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JOAN BENEDICT STEIGERDecades of work on stage, screen, and television and the love of three devoted men sounds like a full life; but in many ways, the story is just beginning for veteran performer Joan Benedict Steiger. With credits dating back to the original “Candid Camera” on television to her acclaimed solo performance as Leona Helmsley, she has lived the artistic life she first dreamed of as a child in Brooklyn, New York – and the dream shows no signs of ending.
“I always thought when I was little I would be a dancer,” Steiger recalls today. “I was never really built for ballet, but I was tap dancing in public at age seven when I performed at the Brooklyn Academy of Music. I remember the first film I ever saw was with Fred Astaire and Ginger Rogers, and as I was leaving the theatre, I wanted to run back in, I knew I had to be a part of that world.”
As the only grandchild in a large family – she had seven uncles – Steiger grew up in her grandfather’s house off Prospect Park, where she describes herself as “Eloise at the Plaza – every one of those rooms was my magic room.” Encouraged by her mother, young Steiger studied at the Rome Opera Ballet School, and spent time in Paris, soaking up her craft and European culture and learning French and Italian. Back in America, Steiger continued her theatrical education by studying with legendary acting coaches Robert Lewis and Stella Adler, founders of the Actor’s Studio in New York. That pursuit of her craft continues today, as she continues to get a charge out of the challenge that each new acting job brings.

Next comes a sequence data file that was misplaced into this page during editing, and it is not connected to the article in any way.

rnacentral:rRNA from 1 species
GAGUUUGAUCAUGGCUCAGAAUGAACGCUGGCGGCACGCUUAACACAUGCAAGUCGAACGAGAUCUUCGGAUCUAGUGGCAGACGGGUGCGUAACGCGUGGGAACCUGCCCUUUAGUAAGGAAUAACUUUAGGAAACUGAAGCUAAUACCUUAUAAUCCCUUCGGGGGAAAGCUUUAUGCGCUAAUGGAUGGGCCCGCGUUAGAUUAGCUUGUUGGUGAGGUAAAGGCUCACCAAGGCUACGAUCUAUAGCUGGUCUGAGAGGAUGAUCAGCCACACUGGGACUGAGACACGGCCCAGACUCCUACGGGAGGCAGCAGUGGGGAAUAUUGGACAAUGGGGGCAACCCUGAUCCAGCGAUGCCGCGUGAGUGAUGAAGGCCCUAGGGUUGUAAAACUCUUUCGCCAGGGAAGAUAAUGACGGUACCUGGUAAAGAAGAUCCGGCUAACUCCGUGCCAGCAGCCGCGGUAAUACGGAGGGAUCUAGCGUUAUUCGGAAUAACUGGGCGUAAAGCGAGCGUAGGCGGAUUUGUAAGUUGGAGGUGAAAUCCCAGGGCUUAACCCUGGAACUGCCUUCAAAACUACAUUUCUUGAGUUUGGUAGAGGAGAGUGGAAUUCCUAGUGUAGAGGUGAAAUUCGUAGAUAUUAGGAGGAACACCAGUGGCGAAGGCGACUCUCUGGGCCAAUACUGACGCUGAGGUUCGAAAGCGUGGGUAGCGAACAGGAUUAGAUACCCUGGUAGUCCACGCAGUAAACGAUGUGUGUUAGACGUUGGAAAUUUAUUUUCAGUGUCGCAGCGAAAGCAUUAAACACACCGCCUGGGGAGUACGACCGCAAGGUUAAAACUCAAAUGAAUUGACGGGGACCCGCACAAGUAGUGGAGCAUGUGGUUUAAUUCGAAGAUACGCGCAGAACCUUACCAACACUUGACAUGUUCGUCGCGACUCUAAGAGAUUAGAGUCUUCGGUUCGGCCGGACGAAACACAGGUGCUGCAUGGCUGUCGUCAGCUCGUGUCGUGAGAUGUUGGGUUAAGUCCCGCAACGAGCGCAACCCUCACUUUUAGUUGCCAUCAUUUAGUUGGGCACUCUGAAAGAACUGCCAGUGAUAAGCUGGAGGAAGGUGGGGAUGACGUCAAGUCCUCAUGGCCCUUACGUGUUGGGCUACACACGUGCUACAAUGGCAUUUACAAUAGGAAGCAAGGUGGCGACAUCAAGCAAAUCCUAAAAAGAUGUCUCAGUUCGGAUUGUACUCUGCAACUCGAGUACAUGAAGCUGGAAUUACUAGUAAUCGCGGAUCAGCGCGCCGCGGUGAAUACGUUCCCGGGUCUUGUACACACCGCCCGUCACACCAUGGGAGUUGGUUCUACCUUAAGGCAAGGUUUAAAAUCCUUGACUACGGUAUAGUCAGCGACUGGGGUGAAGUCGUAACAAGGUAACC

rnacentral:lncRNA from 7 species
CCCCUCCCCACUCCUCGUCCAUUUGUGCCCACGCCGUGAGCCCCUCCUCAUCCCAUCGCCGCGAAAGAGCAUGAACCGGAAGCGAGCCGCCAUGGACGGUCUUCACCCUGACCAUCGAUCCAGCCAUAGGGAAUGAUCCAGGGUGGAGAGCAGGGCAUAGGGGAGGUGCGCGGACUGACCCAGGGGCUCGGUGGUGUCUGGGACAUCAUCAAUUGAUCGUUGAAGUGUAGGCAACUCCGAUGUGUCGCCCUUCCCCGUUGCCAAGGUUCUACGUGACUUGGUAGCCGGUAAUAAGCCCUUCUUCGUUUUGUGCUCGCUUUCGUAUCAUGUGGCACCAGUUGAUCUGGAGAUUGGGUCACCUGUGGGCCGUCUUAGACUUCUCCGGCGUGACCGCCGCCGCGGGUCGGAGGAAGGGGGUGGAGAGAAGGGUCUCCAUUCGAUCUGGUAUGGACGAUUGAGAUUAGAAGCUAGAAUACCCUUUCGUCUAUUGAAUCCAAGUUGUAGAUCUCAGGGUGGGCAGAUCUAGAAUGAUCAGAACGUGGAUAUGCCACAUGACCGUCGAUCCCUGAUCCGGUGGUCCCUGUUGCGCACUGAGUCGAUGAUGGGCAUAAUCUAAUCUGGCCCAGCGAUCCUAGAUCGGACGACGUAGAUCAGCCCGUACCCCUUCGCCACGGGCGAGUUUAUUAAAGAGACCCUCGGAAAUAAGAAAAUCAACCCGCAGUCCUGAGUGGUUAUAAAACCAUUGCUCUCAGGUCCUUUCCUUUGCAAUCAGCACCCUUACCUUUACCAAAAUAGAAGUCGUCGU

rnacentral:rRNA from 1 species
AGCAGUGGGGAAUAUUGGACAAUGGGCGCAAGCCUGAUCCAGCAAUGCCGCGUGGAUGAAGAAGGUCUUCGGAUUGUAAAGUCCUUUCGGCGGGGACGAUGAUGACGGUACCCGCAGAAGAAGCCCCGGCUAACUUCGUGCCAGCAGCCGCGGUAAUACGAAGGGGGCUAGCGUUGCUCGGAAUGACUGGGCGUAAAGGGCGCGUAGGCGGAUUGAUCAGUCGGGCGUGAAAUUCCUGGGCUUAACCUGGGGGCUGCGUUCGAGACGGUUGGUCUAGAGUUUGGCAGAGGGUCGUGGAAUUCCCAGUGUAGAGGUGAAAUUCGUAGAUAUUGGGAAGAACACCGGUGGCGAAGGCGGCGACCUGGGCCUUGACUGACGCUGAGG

Her list of stage credits include acclaimed productions of contemporary offerings such as “Promises, Promises,” “The Beauty Queen of Leenane,” “Collected Stories” by Donald Margulies, P.J. Barry’s “The Octette Bridge Club,” Horton Foote’s “The Traveling Lady,” and Morris West’s “The World is Made of Glass;” opposite Don Knotts in the comedy “The Mind with the Dirty Man;” classics like “Richard III,” “The Dyubbuk,” and “Dr. Faustus;” and her two solo shows, “Leona” (about notorious “Queen of Mean” Leona Helmsley) and the recent “The Loves of My Life,” based on her own life. On screen, she also co-starred with Knotts and Tim Conway in the comedy “The Prizefighter.”
Indeed, perhaps Joan Benedict Steiger’s career is all the more remarkable for having endured through three long-term relationships, to what she describes as “three of the greatest guys in the world.” While marriages between professional actors are often fraught with jealousy and competition, Joan has found lightning in a bottle all three times. “Both of my husbands, and my lifetime partner Jeremy, were wonderful men who respected me as an actress,” she recalls. “They all died from different forms of cancer, so my memories are sometimes bittersweet, but with no regrets.”
“Strangely, I met all three of these men when I was in New York, just beginning my career while I was still a teenager,” she says. She was only 19 when she met actor Rod Steiger, who took an instant liking to her when they appeared on the same television show together. “I
was in complete awe of him at the time,” she admits. “I remember walking out after seeing him in the play ‘Rashomon’ on Broadway, and seeing his face on the marquee across the street for the movie ‘Al Capone.’ I thought, what a life – starring on Broadway and starring in a movie! Knowing him at that age was like living in a fantasy.”
Though the initial romance with Rod was short-lived, given their respective dedication to pursuing their careers, Joan soon found herself in love with leading stage actor John Myhers. “He toured in ‘The Sound of Music’ for three years as Captain von Trapp, and I would take time off to travel with him,” she says. Settling in a home near Sunset Plaza in the Hollywood Hills, their marriage lasted thirty years before Myhers’ passing. Then, in the late 1990s, Rod and Joan found each other again. Rod had heard rave reviews of some of Joan’s stage work. “I got a call from him out of the blue…he’d been at a party where someone had mentioned me, and we got together again after all those years.”